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Unit 6 - Sharing My Faith


Sharing My Faith


We hope you've grown by going through this study.  This is where we come full circle.  

We started with the gospel as our foundation in Unit 1, now how can we share the good news with others?

“The first time I shared my faith it was with a very close friend.  He actually attended church long before me, but he didn’t think God could ever forgive his sins. He wished God could, but didn’t think it was possible.  I patiently urged him to trust that Christ paid the penalty for his sin in full,  But no matter how much I tried to explain, it was like a veil was over his eyes.  I realized that while I could share the gospel message, and pray, only God could change the heart.  The next person I shared my faith with simply said, ‘OK, sounds great!’ and I hadn’t even finished sharing my story!  God had already prepared his heart. I was just the messenger.” 

Paul described the gospel this way,

For I am not ashamed of the gospel, because it is the power of God that brings salvation to everyone who believes... (Romans 1:16)

Nothing else can do this!

But let’s be honest.  It can be intimidating to share your faith with others.  

  • What if they don’t want to hear?  
  • What if I say the wrong thing? 
  • What if I get all tongue tied, dry mouthed, sweaty palmed, BO, etc.?

Relax!  Perhaps that’s why Jesus started by telling His disciples,

“Follow Me, and I will make you fishers of men.” (Matthew 4:19)

  • What preparation goes into fishing?


  • Do you always catch fish?  Why not?  What do you do if the net (or hook) comes up empty?


  • Look at Matthew 4:19 closely.  Do you see a cause and effect relationship? Why is this crucial?


Of course, people aren’t fish, but they have more in common than you might think. 

You see, their pond is drying up so to speak.  Everything your neighbor or coworker “swims” in to make a happy life, to feel secure, will one day evaporate. 

Knowing this, out of love for them and for God who wants to spend eternity with them, we have really good news!  Paul said, “the love of Christ compels us” in our sharing the good news (2 Corinthians 5:14).  And that is our motive.



Teaching / Study

Making Disciples

In Matthew 28:18-20, Jesus’ time with his disciples was coming to an end. 

He had spent many days with them after His resurrection, but would soon ascend to heaven.  Given the shortness of time remaining with these men His words here are very intentional. 

The disciples were leaning in closely to hear these marching orders from Jesus.  With that in mind, let’s pause to sit in on Jesus’ words:

Then Jesus came to them and said, “All authority in heaven and on earth has been given to me.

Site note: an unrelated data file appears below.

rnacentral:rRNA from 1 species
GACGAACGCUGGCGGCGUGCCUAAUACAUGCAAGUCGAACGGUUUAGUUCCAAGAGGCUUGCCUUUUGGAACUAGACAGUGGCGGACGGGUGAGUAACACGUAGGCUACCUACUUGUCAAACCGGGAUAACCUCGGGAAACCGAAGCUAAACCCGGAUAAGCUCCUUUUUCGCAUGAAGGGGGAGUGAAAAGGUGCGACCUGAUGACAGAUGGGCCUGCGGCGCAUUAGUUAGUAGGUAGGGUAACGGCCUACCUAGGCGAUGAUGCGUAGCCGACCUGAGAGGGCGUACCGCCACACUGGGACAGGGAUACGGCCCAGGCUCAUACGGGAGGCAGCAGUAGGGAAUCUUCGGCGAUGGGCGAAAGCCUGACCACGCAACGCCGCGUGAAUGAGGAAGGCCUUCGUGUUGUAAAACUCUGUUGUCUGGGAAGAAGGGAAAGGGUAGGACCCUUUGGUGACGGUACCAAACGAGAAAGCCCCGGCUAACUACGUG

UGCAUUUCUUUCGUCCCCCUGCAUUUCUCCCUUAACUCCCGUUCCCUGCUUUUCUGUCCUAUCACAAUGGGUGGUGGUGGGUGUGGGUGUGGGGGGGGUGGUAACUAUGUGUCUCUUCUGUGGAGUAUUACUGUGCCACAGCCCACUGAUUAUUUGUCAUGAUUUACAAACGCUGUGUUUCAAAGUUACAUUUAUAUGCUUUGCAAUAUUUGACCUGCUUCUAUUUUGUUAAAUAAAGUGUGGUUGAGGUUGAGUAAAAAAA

Therefore go and make disciples of all nations, baptizing them in the name of the Father and of the Son and of the Holy Spirit, and teaching them to obey everything I have commanded you.

And surely I am with you always, to the very end of the age.  (Matthew 28:18-20)

As disciples we are called to “make disciples,” to introduce others to Christ through sharing the gospel.

  • What else does Jesus say we are to do for these disciples?


  • The word authority also means power.  As we share our faith, why is it important to know Jesus has been given “all authority?


For now we are going to focus on the first part of what Jesus said to do, “Go into the world and make disciples.”

This is no simple task, but we can grow in our understanding of how to do it the longer we follow Him.

While you may not know fully what it means to make disciples, it is important you realize the minute you decided to follow Jesus, you became a part of His mission to reach the rest of the world.  You too became a fisher of men!

  • What has been your experience sharing your faith with others? What would it take for you to feel more comfortable sharing the gospel?


In order to know where to start in our call to make disciples, let’s take a look at how Paul did it in towns where he was the first to bring the gospel:

 After proclaiming the Message in Derbe and establishing a strong core of disciples, they retraced their steps to Lystra, then Iconium, and then Antioch, putting muscle and sinew in the lives of the disciples, urging them to stick with what they had begun to believe and not quit, making it clear to them that it wouldn’t be easy: “Anyone signing up for the kingdom of God has to go through plenty of hard times.”  (Acts 14:21-22 MSG)

  • When Paul came to a new town, such as Derbe, what did he do first?


  • But, what does Paul do in each town he returned to?   Why is this important for these disciples?


Discipleship begins with people hearing the gospel then making the decision to believe and receive Christ as their Savior.  But it doesn’t stop there.  As we saw in Unit 5, new believers need to be built up, encouraged, loved, and welcomed into the church as brothers and sisters.